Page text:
The bulletin inserts.

The stationery.

This morning’s bulletin cover.

They all look nice enough. Who could have a problem with that picture of a sweet little girl holding all those balloons?

But those words: “Blessed to be a blessing.”

You see, I have trouble with talk about “blessings.” It sounds smugly pious. For me it conjures up images of people with little regard for others. Those who might say:

“I was blessed to find a parking place—but I guess God wasn’t looking out for you.”

“I’m blessed with wealth—too bad for you.”

Then there are those ministers, some of them my own colleagues, sign off on letters and emails or end a phone call with a blithe “Blessings,” as if  that’s a substitute for a casual “see ya  later;” leaving me to wonder, “What’s that supposed to mean?”

Now, if you have a different understanding, please know that I’m not criticizing you. But the way in which this word is used troubles me.

When I listen for this word in scripture and hear it over and over. “Blessing” is used 88 times in Genesis alone.

When I hear this word in scripture, it sounds different. The way that it is used challenges our own easy use of that word. Blessing expresses a desire for more life—a hope that the one who is blessed will know well-being, peace, and general success in life’s ventures. It is a sincere wish that another person will prosper. As such it is a form of love.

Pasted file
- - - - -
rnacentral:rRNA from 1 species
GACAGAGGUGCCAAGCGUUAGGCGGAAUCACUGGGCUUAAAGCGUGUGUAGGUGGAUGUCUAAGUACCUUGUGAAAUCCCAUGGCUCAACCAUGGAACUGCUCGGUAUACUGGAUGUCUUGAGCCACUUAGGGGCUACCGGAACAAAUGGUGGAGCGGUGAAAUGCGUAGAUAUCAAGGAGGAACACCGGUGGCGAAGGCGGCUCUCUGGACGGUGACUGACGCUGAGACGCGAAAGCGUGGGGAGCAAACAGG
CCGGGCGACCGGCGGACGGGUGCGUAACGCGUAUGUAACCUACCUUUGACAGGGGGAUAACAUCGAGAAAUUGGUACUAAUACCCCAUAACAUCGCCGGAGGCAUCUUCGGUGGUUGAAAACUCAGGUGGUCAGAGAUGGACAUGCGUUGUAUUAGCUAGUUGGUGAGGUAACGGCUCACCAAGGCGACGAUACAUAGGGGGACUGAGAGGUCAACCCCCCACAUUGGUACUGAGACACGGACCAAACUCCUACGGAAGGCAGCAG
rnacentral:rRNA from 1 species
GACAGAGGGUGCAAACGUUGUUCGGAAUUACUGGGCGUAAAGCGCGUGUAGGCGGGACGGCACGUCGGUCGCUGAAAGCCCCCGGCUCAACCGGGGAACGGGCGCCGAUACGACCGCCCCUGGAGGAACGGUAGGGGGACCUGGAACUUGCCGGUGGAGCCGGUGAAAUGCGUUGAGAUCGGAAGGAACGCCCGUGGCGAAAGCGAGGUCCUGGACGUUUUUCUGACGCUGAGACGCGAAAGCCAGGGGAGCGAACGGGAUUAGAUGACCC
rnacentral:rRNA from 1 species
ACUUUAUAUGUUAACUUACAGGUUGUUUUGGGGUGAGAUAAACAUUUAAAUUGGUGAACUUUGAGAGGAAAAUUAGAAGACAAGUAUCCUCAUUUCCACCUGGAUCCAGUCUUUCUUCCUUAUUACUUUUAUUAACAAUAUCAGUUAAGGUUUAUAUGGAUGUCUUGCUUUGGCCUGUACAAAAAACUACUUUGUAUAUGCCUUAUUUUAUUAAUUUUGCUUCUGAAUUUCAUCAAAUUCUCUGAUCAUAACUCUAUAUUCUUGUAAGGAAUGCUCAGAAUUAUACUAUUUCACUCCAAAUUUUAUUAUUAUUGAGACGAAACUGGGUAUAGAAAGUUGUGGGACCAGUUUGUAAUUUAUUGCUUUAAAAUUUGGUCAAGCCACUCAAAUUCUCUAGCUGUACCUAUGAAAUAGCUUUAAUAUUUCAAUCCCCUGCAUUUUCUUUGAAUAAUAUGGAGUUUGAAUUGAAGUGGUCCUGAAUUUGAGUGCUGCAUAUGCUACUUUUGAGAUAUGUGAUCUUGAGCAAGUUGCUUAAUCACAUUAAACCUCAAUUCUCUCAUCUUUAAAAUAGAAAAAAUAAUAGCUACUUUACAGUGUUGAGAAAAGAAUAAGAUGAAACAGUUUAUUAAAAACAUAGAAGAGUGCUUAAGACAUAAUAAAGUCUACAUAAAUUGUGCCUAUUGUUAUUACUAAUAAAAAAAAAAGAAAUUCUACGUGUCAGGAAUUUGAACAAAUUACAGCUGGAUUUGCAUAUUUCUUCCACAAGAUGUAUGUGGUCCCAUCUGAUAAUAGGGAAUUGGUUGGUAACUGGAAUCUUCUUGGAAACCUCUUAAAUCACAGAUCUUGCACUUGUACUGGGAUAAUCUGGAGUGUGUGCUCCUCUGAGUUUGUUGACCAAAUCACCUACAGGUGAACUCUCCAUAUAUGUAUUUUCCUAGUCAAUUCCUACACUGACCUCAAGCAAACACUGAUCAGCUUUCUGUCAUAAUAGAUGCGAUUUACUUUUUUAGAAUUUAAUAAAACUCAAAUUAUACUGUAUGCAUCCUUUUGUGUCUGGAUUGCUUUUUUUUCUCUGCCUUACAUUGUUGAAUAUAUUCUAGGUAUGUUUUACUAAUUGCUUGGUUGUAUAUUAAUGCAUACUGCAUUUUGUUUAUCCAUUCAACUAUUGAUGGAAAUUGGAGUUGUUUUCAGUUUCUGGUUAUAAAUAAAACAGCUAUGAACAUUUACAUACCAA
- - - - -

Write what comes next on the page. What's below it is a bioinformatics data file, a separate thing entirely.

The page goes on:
Naomi Rosenblatt says that blessing is the unconditional love that a parent confers upon a child that makes that child feel protected, whole, and connected—able to go out into the world with a sense of purpose and responsibility. Those who have experienced such love and those who seek to give it to their own children would probably agree that this is indeed what makes for well-being, peace, and success in individuals.

In scripture blessing is not given without consideration. The word of blessing is not spoken casually.

The story of scripture is the story of blessing—of God looking upon creation and calling it good; of God giving human beings all good things so that we might care for creation; of Abraham being blessed and through him all people, including, by God’s grace in Christ, even you and me. Paul called Abraham’s experience “the Gospel beforehand”—an event that shows us God giving with no qualifications.

And so our religious tradition is, in a sense, the long progression of one generation conferring a blessing on the next:

Abraham blesses his descendants.

Jesus blesses the children who are brought to him.

And this morning we once again baptized an infant, seeking God’s blessing and giving this congregation’s blessing on that new life.